Because Banquo has courage, wisdom, and royalty. Macbeth feels that Banquo is naturally superior to him, and just being near Banquo makes Macbeth feel ashamed of himself. It points out that Macbeth is now going after Banquo. He is going to do the same thing that he did to his own king. It also reveals that Macbeth is becoming more and more evil. Macbeths ambitions are forcing him to the place where the destruction is waiting for him.
He cant stand anyone who is standing in his way. As Macbeth reveals his feeling about not being safe because of Banquo and his son Fleance, his ambitions forces him to hires two murderers to kill Banquo and Fleance. He thinks that Banquo could suspect Macbeth of murder, and Fleance may become a king if witches’ predictions are true. So he gives order to murderers by saying, I will advise you where to plant your selves; / Acquaint you with the perfect spy o the time (3. 1. 144-145).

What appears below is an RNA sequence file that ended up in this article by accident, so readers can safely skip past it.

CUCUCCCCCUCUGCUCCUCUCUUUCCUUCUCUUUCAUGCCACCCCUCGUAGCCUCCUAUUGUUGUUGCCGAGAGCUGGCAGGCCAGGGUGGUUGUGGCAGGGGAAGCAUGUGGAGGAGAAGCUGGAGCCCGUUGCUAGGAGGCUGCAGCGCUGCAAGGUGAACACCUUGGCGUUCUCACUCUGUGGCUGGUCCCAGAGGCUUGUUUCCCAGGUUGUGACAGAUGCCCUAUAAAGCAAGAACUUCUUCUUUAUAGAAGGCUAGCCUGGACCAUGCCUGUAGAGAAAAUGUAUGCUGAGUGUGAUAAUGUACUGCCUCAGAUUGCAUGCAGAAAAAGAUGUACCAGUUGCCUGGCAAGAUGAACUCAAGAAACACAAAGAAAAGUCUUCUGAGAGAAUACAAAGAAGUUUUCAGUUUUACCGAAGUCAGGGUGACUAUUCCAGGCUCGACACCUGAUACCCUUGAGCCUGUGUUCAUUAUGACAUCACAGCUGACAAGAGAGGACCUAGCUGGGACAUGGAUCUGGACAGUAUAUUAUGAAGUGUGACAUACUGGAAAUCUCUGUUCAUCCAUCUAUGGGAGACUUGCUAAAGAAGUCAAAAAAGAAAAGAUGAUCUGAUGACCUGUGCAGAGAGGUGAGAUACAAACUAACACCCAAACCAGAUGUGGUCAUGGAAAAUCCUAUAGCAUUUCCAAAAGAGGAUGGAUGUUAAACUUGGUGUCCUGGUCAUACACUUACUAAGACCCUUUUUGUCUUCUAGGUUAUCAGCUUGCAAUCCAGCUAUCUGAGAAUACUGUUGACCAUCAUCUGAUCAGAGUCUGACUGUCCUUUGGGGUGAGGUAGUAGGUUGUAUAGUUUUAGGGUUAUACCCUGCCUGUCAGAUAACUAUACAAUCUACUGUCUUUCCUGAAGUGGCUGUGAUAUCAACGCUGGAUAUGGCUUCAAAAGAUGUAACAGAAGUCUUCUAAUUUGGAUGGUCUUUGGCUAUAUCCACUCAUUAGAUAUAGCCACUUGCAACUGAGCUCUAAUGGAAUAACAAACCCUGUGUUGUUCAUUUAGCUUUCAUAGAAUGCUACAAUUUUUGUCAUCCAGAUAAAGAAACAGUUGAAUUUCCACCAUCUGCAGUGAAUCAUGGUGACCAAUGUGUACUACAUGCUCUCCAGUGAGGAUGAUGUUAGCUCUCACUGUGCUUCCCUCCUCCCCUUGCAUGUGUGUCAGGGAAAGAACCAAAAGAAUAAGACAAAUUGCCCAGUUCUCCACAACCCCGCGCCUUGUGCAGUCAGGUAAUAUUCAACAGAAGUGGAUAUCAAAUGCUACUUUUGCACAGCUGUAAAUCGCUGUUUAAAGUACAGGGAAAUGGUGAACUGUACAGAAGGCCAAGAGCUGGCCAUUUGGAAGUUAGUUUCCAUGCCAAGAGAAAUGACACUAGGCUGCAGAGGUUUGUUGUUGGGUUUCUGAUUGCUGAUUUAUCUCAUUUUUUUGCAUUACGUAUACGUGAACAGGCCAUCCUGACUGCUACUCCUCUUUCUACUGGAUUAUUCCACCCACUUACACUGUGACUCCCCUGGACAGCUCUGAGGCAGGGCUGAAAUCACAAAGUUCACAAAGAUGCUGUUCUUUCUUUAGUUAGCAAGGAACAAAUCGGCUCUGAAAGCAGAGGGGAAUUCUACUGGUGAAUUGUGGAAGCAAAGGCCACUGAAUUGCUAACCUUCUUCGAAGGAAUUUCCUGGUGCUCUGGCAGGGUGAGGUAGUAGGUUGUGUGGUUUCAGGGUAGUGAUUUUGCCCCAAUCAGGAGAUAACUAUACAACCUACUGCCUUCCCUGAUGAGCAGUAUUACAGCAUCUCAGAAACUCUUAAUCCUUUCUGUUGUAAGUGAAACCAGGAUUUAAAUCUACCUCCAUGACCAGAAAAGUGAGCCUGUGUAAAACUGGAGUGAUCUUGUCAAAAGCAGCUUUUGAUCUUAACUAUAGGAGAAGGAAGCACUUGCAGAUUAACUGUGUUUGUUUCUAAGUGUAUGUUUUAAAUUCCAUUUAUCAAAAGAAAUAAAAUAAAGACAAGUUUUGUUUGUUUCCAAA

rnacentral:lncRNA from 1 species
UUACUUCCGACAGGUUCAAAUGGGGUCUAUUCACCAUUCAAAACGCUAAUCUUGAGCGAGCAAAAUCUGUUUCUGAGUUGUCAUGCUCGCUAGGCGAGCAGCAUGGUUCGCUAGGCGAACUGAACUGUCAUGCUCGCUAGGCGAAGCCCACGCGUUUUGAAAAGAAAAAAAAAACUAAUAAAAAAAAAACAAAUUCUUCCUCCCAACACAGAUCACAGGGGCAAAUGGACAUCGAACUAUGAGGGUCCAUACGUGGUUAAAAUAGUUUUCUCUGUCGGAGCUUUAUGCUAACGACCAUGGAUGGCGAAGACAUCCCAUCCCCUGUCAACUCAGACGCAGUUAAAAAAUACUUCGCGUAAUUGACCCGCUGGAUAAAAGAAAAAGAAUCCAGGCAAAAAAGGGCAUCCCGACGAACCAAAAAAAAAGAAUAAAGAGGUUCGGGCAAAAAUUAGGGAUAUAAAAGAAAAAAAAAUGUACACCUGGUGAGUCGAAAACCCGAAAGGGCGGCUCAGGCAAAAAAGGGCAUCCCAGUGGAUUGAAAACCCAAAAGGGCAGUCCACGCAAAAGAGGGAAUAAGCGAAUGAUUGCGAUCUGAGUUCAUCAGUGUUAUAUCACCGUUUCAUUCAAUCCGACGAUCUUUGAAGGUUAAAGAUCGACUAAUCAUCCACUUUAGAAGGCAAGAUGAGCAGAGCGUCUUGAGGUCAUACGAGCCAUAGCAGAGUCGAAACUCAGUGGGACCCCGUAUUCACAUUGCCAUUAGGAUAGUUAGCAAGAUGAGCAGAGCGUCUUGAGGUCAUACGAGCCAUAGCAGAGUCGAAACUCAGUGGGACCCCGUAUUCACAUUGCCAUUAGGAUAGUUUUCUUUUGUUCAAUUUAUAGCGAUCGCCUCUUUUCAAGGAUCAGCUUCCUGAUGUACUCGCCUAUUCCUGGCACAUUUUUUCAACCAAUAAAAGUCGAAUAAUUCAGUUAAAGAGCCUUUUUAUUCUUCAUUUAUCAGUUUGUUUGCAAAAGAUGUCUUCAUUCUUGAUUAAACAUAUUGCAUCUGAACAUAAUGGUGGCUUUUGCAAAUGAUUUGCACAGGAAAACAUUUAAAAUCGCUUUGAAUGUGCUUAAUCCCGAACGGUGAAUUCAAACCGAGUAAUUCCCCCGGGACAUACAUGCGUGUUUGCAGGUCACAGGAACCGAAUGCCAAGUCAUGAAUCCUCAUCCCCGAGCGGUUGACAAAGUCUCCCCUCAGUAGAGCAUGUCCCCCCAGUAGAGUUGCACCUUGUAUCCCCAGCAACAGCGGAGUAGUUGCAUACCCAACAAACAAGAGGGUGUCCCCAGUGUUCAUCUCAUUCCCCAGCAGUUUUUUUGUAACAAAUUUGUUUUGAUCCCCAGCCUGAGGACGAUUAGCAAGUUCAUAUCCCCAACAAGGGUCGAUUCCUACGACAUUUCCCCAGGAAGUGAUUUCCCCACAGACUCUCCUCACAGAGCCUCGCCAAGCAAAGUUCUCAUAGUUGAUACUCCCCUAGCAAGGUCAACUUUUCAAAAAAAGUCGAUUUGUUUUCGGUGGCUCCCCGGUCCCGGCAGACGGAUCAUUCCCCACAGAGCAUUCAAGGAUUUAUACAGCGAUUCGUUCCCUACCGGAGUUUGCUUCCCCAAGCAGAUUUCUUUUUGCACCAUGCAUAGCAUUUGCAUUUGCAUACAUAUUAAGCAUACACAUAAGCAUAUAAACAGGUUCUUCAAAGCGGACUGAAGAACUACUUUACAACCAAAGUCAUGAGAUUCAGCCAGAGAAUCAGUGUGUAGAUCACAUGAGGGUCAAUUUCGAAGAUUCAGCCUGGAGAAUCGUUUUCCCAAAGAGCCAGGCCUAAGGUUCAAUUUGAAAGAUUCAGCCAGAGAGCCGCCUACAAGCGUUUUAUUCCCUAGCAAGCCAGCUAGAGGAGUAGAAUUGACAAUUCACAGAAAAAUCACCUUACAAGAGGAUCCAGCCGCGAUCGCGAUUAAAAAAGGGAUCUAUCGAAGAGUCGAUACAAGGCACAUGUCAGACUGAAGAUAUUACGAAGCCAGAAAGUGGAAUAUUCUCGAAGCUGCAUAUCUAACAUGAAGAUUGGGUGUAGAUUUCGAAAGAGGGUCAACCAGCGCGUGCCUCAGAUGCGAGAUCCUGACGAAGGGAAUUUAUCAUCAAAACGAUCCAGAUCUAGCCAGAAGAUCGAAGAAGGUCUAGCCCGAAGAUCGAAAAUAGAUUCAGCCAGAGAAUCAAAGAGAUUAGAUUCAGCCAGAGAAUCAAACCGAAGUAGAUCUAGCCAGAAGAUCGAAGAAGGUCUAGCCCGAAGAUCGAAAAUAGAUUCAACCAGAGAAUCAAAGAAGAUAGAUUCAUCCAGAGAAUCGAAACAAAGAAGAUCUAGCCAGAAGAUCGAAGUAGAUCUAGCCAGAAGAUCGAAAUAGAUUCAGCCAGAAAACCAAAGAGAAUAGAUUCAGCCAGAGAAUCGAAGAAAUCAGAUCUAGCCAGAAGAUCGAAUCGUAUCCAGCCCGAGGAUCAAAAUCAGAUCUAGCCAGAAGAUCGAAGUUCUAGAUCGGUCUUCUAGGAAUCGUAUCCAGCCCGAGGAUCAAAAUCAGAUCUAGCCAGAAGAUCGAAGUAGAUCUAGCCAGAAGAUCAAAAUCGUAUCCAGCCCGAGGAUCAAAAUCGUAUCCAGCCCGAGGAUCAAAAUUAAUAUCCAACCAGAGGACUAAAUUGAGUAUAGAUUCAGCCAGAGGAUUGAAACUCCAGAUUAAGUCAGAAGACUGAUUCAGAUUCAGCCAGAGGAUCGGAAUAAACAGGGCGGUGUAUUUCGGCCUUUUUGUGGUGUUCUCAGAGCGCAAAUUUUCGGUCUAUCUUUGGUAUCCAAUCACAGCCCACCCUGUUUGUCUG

In other words Macbeth tells the murderers that he will give them advice for where to place themselves and be familiar with it, and he will give them the most accurate reports available about Banquo. It shows that Macbeth is not even loyal to his own servant who used to be his partner. It also shows how far Macbeth has come in being evil, that hes now planning to kill his own friend. Macbeths ambitions are getting worse and worse he thinks that killing is the only way he can solve his problems. After Macbeth has arranged for the murder of Banquo, Macbeth tells Lady Macbeth about his ambitions and desires.